Bringing this partnership to life required some serious teamwork. Our first few Florida colleges were all introduced to us through the Knight Foundation. Funding from Knight and the Democracy Fund helped us keep a team of talented organizers focused on this opportunity for over a year, and funding from the Institute for Strategic Policy Solutions at St. Petersburg College is what made the whole FCS expansion ultimately possible.
May 2, 2013 by Seth Flaxman
It was just over a year ago, in February of 2012, that Knight approved our first grant and introduced me to President Padrón at Miami Dade College, a great institution that would become TurboVote’s second college partner. It’s hard to believe how far we’ve come since then. In less than a year we picked up nearly 90 partners nationwide (with many thanks to the program directors in the Knight Resident Communities who helped), reached over 190,000 individual voters, had our work covered in the New York Times, Mashable, The Chronicle of Higher Education, and 102 other news stories (81 in college publications) and brought in $319,000 of earned revenue, approximately 30 percent of TurboVote’s budget.
Now, because of a new three-year $1 million grant from Knight we can reach out to hundreds of additional colleges partners while also starting to serve government, the first step toward modernizing voting for all Americans. Equally important, by 2015 we’ll have signed up enough new partners that we’ll be financially sustainable—entirely supported by the colleges, nonprofits and local governments that cover the costs associated with serving their communities.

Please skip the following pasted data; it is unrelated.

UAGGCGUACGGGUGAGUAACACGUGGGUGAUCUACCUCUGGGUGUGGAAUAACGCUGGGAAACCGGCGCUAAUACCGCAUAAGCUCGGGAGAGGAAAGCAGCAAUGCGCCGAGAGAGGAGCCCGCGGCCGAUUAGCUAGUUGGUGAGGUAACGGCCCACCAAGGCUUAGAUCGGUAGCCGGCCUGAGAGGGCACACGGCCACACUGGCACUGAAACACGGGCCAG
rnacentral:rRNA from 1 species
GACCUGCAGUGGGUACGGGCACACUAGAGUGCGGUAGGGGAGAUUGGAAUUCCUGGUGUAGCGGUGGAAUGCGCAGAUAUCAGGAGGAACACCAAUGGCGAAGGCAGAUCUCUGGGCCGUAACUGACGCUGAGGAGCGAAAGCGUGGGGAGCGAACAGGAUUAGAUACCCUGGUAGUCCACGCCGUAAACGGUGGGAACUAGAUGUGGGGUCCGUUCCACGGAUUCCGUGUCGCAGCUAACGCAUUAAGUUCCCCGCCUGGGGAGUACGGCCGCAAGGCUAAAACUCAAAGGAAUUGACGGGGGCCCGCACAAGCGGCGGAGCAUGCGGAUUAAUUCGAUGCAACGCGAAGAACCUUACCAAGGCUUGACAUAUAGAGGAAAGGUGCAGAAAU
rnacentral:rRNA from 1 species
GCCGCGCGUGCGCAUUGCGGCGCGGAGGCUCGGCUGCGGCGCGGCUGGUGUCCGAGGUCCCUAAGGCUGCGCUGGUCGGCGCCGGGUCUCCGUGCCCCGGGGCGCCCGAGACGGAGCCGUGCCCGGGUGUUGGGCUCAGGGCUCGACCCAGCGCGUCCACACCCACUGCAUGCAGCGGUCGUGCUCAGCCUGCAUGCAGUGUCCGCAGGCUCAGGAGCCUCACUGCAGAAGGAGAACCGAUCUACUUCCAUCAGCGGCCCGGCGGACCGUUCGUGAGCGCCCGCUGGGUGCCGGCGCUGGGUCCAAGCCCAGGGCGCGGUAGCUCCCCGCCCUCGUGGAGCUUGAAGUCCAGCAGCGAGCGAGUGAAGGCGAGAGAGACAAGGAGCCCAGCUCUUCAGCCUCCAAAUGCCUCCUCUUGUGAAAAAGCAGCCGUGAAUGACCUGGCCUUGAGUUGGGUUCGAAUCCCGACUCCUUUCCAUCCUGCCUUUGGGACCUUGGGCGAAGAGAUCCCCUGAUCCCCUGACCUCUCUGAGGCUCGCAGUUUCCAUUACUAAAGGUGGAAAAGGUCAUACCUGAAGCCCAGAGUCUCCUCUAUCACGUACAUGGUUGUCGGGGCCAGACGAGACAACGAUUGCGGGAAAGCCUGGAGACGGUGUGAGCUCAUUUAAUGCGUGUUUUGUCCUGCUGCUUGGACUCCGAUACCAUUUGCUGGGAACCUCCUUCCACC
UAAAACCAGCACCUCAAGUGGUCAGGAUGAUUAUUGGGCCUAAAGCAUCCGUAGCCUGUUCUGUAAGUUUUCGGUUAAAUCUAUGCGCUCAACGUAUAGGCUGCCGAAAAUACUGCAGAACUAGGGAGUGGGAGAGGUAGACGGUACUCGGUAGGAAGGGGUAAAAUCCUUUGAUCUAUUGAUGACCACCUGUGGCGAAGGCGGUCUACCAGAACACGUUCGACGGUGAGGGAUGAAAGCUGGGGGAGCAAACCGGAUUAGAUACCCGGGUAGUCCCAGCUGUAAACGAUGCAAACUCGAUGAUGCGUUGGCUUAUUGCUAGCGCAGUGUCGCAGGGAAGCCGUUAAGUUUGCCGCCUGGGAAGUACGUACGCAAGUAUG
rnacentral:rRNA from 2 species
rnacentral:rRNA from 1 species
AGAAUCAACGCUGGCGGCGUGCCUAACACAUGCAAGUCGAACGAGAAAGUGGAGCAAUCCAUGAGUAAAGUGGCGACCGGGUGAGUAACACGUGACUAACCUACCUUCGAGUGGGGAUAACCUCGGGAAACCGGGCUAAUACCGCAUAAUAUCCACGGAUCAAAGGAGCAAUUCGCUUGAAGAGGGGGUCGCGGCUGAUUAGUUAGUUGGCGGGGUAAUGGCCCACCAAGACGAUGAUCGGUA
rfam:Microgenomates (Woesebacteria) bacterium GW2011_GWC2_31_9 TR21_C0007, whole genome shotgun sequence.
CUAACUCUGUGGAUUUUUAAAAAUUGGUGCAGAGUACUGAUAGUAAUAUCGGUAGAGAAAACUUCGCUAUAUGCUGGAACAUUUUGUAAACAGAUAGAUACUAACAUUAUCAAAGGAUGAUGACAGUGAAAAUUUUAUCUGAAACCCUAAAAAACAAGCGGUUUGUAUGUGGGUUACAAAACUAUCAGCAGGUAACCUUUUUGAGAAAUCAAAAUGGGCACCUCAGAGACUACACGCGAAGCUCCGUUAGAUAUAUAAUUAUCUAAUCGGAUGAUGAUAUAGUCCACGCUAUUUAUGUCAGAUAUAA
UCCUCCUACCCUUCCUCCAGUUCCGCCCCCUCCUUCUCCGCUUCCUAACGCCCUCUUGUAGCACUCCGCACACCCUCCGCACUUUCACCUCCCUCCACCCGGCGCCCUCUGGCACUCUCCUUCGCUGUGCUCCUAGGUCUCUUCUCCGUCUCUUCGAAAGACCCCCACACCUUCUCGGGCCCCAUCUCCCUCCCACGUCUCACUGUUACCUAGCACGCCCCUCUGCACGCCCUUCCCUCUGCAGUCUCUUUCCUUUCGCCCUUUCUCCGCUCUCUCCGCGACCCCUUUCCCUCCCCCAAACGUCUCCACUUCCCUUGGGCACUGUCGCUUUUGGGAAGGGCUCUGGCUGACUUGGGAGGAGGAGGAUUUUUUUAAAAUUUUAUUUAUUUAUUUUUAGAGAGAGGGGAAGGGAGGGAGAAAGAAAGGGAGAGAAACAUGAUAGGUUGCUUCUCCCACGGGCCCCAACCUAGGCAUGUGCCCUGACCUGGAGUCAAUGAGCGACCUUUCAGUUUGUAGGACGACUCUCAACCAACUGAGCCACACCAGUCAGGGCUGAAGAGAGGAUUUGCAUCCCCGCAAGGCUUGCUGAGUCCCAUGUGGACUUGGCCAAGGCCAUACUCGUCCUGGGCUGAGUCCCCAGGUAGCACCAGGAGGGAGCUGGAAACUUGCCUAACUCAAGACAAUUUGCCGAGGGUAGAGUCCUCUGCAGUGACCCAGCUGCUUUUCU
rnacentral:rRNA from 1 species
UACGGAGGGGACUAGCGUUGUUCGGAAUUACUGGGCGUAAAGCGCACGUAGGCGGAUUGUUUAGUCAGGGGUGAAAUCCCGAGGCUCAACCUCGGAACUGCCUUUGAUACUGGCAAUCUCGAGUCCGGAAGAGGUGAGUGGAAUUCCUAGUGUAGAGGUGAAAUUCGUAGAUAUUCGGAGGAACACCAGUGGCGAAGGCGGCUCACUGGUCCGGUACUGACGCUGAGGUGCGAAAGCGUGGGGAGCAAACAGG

Working with colleges and nonprofit organizations is our core. With the continued backing of such an awesome foundation, we can expand our work to help nonprofits and colleges use technology to engage their communities in voting. But to truly modernize the voting experience for all Americans, it is imperative that we partner with governments and build technology that will empower the public servants doing the hard work of actually running elections. We have to engage the Leslie Knopes out there.
March 4, 2015 by Seth Flaxman
Voters waiting in line. Photo by Flickr user redagainPatti.
Seth Flaxman is co-founder and executive director of Democracy Works.
Innovation is at the heart of Democracy Works, a civic tech nonprofit I co-founded five years ago to make voting easier. As Democracy Works grew, creating partnerships with funders that shared our vision became increasingly important. Working with Knight Foundation has been a perfect example of how funders and grantees can grow and learn together as we seek to achieve transformational impact.
This week, Democracy Works announced $1,000,000 in support from Knight Foundation and $400,000 from the MacArthur Foundation for our second round of fundraising, which began in late 2014. Because of their support, we’re on track to become financially sustainable and can continue building innovative technology that helps Americans more actively engage in our democracy.